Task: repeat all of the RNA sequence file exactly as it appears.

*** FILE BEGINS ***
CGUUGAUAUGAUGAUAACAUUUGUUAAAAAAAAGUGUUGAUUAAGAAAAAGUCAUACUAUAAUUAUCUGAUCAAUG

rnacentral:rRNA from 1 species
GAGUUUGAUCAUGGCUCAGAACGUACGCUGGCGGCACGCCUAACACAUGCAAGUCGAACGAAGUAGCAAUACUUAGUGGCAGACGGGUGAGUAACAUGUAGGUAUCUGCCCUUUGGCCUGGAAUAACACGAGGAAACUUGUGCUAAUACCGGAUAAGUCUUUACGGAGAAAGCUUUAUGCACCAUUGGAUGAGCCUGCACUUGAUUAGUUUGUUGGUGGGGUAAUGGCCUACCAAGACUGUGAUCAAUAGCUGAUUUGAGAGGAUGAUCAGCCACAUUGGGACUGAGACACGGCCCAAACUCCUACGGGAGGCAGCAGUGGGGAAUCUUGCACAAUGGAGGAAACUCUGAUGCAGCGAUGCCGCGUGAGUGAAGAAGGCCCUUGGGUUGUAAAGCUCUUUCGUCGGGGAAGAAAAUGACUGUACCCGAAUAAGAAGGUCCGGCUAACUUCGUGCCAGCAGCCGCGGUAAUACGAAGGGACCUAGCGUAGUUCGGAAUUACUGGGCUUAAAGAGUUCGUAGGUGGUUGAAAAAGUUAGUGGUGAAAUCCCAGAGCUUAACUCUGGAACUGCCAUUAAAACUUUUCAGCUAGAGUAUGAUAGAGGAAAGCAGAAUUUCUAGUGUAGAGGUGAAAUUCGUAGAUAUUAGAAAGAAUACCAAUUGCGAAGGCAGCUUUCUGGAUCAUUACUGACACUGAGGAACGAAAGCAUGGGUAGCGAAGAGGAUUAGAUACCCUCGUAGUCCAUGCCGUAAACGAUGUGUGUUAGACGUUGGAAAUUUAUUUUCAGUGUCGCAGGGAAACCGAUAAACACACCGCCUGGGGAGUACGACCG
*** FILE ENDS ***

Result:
CGUUGAUAUGAUGAUAACAUUUGUUAAAAAAAAGUGUUGAUUAAGAAAAAGUCAUACUAUAAUUAUCUGAUCAAUG

rnacentral:rRNA from 1 species
GAGUUUGAUCAUGGCUCAGAACGUACGCUGGCGGCACGCCUAACACAUGCAAGUCGAACGAAGUAGCAAUACUUAGUGGCAGACGGGUGAGUAACAUGUAGGUAUCUGCCCUUUGGCCUGGAAUAACACGAGGAAACUUGUGCUAAUACCGGAUAAGUCUUUACGGAGAAAGCUUUAUGCACCAUUGGAUGAGCCUGCACUUGAUUAGUUUGUUGGUGGGGUAAUGGCCUACCAAGACUGUGAUCAAUAGCUGAUUUGAGAGGAUGAUCAGCCACAUUGGGACUGAGACACGGCCCAAACUCCUACGGGAGGCAGCAGUGGGGAAUCUUGCACAAUGGAGGAAACUCUGAUGCAGCGAUGCCGCGUGAGUGAAGAAGGCCCUUGGGUUGUAAAGCUCUUUCGUCGGGGAAGAAAAUGACUGUACCCGAAUAAGAAGGUCCGGCUAACUUCGUGCCAGCAGCCGCGGUAAUACGAAGGGACCUAGCGUAGUUCGGAAUUACUGGGCUUAAAGAGUUCGUAGGUGGUUGAAAAAGUUAGUGGUGAAAUCCCAGAGCUUAACUCUGGAACUGCCAUUAAAACUUUUCAGCUAGAGUAUGAUAGAGGAAAGCAGAAUUUCUAGUGUAGAGGUGAAAUUCGUAGAUAUUAGAAAGAAUACCAAUUGCGAAGGCAGCUUUCUGGAUCAUUACUGACACUGAGGAACGAAAGCAUGGGUAGCGAAGAGGAUUAGAUACCCUCGUAGUCCAUGCCGUAAACGAUGUGUGUUAGACGUUGGAAAUUUAUUUUCAGUGUCGCAGGGAAACCGAUAAACACACCGCCUGGGGAGUACGACCG